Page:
Dana’s clothing

How did Huck end up with the clothes that Dana supposedly was wearing when she was admitted to the hospital on March 3, 2014? By law, the clothing belonged to the coroner’s office:

“Once a patient is declared dead and falls under the jurisdiction of the Medical Examiner-Coroner as required by the California Government and Health & Safety Code, the following becomes applicable: …The clothing and personal property, regardless of whether it is on the body or removed from the body, belongs to the Coroner. Evidence or personal property may not be released to a law enforcement agency or next of kin without the knowledge and consent of the Coroner.”

Source: http://mec.lacounty.gov/wps/portal/mec/ourservices/forhospitals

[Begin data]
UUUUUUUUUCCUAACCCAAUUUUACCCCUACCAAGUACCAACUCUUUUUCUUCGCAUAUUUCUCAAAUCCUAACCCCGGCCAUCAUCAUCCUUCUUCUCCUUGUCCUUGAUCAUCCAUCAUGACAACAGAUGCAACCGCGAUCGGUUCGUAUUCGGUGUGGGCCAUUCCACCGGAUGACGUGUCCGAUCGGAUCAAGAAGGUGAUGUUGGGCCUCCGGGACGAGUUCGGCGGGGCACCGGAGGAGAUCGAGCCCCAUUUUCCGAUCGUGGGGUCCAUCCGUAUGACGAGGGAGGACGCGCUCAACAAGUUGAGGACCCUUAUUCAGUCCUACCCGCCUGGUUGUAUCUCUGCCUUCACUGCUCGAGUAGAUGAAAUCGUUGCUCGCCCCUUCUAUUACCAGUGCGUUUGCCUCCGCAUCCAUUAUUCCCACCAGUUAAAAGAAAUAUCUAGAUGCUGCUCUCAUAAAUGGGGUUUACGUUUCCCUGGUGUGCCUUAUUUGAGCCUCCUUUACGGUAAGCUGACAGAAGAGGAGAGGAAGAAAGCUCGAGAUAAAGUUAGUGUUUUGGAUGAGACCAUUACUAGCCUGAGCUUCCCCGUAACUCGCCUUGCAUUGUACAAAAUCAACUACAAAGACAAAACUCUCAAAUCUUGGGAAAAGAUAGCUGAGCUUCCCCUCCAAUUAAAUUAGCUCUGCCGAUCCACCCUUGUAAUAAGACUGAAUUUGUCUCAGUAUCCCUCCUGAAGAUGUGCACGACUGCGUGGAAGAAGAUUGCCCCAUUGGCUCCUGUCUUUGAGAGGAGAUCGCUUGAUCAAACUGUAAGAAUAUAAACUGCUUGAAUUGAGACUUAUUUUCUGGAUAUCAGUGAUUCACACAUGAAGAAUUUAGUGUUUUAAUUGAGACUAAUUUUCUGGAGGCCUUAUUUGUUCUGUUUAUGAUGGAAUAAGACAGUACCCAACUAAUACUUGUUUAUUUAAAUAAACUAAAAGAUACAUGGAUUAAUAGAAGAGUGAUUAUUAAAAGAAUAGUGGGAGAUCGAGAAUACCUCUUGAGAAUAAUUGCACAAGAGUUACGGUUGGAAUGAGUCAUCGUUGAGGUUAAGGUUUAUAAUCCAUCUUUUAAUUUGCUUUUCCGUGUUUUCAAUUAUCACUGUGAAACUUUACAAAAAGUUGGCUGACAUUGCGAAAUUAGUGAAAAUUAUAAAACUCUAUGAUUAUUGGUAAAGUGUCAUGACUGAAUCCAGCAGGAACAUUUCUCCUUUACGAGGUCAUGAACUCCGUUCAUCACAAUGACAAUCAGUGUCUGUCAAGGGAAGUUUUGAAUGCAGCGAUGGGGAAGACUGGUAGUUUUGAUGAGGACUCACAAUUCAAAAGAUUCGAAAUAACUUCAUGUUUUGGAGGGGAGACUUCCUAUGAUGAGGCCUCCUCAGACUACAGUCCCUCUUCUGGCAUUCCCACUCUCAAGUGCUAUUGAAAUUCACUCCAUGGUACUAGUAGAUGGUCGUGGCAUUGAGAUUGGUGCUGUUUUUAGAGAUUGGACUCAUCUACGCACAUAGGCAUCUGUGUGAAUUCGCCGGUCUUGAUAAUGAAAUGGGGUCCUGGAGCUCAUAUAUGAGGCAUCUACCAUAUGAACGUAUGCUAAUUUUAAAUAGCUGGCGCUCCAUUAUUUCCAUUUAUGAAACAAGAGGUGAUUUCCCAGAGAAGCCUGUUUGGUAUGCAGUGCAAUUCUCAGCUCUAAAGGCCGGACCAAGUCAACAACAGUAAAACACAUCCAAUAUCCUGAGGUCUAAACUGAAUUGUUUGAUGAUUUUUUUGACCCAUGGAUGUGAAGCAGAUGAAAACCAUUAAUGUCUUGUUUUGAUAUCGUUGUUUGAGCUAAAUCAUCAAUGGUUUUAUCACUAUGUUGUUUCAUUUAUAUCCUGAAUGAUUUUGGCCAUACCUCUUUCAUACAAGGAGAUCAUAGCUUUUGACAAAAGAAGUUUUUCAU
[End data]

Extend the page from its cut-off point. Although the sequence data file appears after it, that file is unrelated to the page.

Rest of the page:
Why didn’t homicide detectives look for or ask about Dana’s clothing sometime before March 13, 2014? Why did they wait until ten days after she was admitted to the hospital, and after the autopsy had been performed?

Police reports suggest that detectives never asked about the clothes. Rather, Huck offered police a bag clothes, unsolicited. Detective Roger Zottneck wrote in a report (pdf) that he accepted the bag and booked it into evidence (pdf).

It’s astonishing to Dana’s family that homicide detectives accepted this “evidence” as authentic, and did not question the chain of custody. Apparently they didn’t even think about Dana’s clothing as evidence until after the autopsy had been completed.

Further, according to Detective Zottneck’s report, this clothing was located in Dana’s car, which Huck was driving. The initial search warrant (pdf), signed on March 4, 2014, specifically commanded the police to search Dana’s car for “any evidence related to the possible crime of murder,” specifically including clothing. Why didn’t detectives comply?

Next: Blood vials

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